“Mr. Paty, he was too funny, we all wanted to have him”

Samuel Paty, the history-geo teacher assassinated on Friday, was apparently an ace at jokes. Charlotte (1), 13, tells how much he could make people laugh in class. “He was too funny. For example, when he saw that we were falling asleep a little, he would suddenly say “Kinder bueno” quite loudly. Obviously, we would wake up. ” And Samuel Paty resumed his course … Other times, he cried “Come on, all on the PCs…. In fact, no, I’m kidding! ” Charlotte also remembers a “trick” that made her laugh above all else: “When he walked through the rows behind us and said “um, there is no switch, that’s what I thought”. Big white every time, and the whole class was laughing. “ Samuel Paty, 47, had been teaching for several years in this quiet college, in a residential area of ​​Conflans-Sainte-Honorine. He was one of the three favorite teachers of the bahut, according to Charlotte, “We all wanted to have it”. His students were numerous this Saturday gathered in front of the college to pay tribute to him. Some have placed flowers, white roses. Professors were also there, but more discreet, not wishing to speak, stunned by emotion. A housekeeper from the establishment, who retired last month, left a note: “May your rest be soft as a down and light as a cloud”. When she greeted the teacher in the halls “He answered me with a shy and very humble little voice. He really seemed like an introverted person who carried modesty within him. ”

“He was a man of dialogue”

Samuel Paty studied at the Lumière University, in Lyon-II then at the IUFM in Lyon. It was at the beginning of the 90s. Christophe Capuano, lecturer, a friend of the class remembers: “A hard worker, a brilliant student and a very good teacher. He was a man of dialogue who never wanted to shock. He carried out his teaching mission with courage. ” In 1997, his History-Geography Capes in his pocket, he landed like many young teachers in the Paris region. Among other things, he will make a visit to Torcy in Seine-et-Marne.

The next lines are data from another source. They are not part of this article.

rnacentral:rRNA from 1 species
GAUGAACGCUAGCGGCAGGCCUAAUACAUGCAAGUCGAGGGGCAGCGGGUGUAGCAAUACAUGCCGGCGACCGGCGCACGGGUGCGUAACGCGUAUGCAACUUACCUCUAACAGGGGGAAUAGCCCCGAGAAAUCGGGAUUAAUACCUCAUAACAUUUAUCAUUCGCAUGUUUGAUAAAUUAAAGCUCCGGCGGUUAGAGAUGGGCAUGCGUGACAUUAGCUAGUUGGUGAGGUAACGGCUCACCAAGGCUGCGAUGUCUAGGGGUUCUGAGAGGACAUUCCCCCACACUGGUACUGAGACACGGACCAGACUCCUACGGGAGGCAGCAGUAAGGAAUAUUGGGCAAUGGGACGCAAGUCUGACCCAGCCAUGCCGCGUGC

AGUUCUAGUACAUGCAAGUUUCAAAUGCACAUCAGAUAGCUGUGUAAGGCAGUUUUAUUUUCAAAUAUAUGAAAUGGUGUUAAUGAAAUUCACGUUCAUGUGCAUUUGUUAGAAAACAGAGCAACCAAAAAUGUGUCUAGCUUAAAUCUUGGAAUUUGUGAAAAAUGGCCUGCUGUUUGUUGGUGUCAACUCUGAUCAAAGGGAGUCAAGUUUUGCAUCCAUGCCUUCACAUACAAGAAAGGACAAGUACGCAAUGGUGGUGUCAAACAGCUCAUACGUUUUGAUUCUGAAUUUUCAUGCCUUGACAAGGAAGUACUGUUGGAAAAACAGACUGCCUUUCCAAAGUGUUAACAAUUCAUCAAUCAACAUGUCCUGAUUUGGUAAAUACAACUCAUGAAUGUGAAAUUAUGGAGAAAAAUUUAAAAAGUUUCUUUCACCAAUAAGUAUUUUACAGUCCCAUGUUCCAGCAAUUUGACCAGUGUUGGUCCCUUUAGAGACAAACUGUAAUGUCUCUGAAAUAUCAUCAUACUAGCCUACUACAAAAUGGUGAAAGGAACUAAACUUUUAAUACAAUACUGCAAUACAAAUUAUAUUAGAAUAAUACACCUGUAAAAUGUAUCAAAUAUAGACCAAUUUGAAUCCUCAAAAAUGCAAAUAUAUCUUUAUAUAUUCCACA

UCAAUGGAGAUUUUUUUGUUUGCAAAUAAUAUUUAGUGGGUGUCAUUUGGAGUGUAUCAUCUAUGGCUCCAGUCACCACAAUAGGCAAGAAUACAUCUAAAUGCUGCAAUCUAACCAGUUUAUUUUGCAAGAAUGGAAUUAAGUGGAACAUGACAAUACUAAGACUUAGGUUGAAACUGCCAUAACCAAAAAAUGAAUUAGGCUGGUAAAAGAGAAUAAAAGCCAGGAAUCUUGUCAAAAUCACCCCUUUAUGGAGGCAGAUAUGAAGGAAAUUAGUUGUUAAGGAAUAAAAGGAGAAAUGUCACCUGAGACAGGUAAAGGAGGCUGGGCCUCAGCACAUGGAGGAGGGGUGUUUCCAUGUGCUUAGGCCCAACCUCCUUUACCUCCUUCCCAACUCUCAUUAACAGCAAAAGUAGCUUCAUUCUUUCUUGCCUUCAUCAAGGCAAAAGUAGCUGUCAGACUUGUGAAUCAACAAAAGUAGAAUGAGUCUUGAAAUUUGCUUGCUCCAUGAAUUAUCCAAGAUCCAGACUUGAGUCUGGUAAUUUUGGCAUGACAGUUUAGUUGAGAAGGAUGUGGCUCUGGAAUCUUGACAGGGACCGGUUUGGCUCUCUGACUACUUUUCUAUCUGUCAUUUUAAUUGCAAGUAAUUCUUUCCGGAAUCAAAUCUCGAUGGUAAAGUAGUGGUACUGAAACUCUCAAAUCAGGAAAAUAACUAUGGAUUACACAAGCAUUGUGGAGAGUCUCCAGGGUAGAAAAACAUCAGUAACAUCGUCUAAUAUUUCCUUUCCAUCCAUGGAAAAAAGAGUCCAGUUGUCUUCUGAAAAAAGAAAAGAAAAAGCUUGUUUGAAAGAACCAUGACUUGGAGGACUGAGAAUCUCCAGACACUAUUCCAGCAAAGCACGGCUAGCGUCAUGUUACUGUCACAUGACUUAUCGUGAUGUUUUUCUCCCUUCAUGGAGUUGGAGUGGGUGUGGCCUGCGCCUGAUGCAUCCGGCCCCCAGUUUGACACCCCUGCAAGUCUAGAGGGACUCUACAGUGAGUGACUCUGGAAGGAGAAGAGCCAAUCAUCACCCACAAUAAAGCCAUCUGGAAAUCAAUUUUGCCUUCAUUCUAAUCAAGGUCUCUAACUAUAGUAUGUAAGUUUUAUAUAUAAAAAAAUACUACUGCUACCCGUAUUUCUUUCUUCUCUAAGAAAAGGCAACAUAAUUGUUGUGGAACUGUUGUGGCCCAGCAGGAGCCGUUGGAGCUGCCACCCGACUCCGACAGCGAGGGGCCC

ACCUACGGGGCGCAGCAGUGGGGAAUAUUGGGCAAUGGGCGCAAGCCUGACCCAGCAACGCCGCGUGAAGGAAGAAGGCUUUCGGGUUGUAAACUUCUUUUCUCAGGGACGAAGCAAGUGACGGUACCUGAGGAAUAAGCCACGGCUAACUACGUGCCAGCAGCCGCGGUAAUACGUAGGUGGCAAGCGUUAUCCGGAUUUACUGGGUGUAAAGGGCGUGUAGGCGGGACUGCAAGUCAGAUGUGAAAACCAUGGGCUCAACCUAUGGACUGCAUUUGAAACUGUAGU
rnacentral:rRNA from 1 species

Read alsoA weekend of tributes to Samuel Paty

All of the students we spoke to use the same words to describe it. “Mr. Paty, he was funny and sweet. Even those who didn’t like school were careful with him ”, assures Ilyes. He adds – and arguably one of the nicest compliments for a teacher: “Monsieur Paty, he made you want to learn.” Jean-Philippe, now in second class: “He took care of his approaches, built bridges between the different subjects, showing the evolutions in the history of ideas, anchoring them in the context of the time. He always created moments of debate, never directing them towards any party. ” His classes were rather relaxed. “We talked a little but not too much” (according to Charlotte). “As we liked him, we didn’t want to be crazy. He was super nice and open but he didn’t get stepped on, if he had to put on an hour of glue or call the parents, he did. When he wanted to say something, he said it “, adds Enzo (1), a fourth grader. Ludérick, another fourth, remembers that he wore shirts and jeans all the time. Enzo also talks about it directly: “He always wore a shirt, always always. It made us laugh. ” A single photo of him is circulating on social networks this Saturday. In a T-shirt, shoulder bag, by the sea. His gaze, masked by the sunglasses, seems to be looking into the distance.